Main Character: 2016 Vermillion Red Wine
Christmas is approaching fast, plans are being made, decorations are hung (hopefully), and the holiday menu is being planned. This time of year carries the essence of romance and perfectly crafted ideas, in which we hope are molded into epic Instagram and Facebook posts and eventually fond memories.
If we are being honest with ourselves there is always some form of conflict. Who is coming to the dinner party, what should we wear, is the aunt we argued with all year attending, is there a gift exchange and how much is expected? Questions lead to tensions and tensions lead to emotional reactions and then all the crafted ideas of great social media posts and making memories are off in the distance.
One the the many reasons I chose to fall in love with wine (I know love is a strong word), is because wine brings people together, it carries a story, and creates fond memories. Opening a bottle with meaning behind it, or knowing the story and having a story to tell when drinking it, is what makes it even more special. We need fun and memorable stories this year. We need the boldness to gather in our homes regardless of circumstances and at the end of the day we need to break the rules.
You may be reading this with the expectations of poetic synonyms and descriptions of this featured wine and how it will be the best partner for your Christmas Eve dinner or Christmas day brunch. This is not that type of story. Instead I’m going rogue on this. Our story takes place in Napa Valley, California.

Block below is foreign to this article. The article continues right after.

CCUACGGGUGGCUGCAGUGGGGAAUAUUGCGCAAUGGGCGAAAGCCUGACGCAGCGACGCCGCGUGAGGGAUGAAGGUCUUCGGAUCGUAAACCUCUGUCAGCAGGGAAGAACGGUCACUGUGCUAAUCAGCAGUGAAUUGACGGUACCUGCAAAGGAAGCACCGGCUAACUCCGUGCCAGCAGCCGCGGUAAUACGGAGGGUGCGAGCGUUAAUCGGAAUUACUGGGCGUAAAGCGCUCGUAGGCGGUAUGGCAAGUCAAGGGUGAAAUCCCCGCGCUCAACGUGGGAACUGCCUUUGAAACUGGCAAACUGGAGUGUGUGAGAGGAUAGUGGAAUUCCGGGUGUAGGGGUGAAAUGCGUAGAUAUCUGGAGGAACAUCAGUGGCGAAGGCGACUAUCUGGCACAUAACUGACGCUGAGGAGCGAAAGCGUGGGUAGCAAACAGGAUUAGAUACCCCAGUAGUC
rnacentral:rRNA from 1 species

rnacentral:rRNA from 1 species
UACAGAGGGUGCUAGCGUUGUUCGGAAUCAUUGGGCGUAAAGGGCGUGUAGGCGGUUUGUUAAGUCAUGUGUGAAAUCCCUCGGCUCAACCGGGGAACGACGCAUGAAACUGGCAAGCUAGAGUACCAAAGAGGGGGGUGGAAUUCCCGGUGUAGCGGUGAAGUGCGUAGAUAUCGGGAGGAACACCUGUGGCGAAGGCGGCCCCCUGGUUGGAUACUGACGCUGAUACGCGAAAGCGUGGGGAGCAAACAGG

North of San Francisco, California you will find Napa Valley. This location, in my opinion, is probably one of the most known and sought after regions in the world of wine. When I used to hear the words “Napa Valley” I honestly rolled my eyes. Napa was overrated and overshadowed some of the greatest wines in the world. It wasn’t until I encountered my first wine from Napa Valley that I quickly realized I was wrong.
There is more to California wine than just Napa Valley. What I do know from my formal and informal tasting experiences, is Napa always delivers consistent, quality and complex wines which always put my palate and knowledge to the test. Some of the most well-known wines come from Howell Mountain, Diamond Mountain, and Spring Mountain District to name a few. In future articles we will spend time unpacking the small gem wines of California that are up and coming.
If you’re looking for an affordable wine, tastes fantastic, pairs well with almost anything and will create a memory with your family and friends, then buckle up. I want to personally introduce you to the main character of the story, who carries elegance mingled with simplicity and you can taste the scheak and sexy with every sip. Vermillion read wine.
The Wine Maker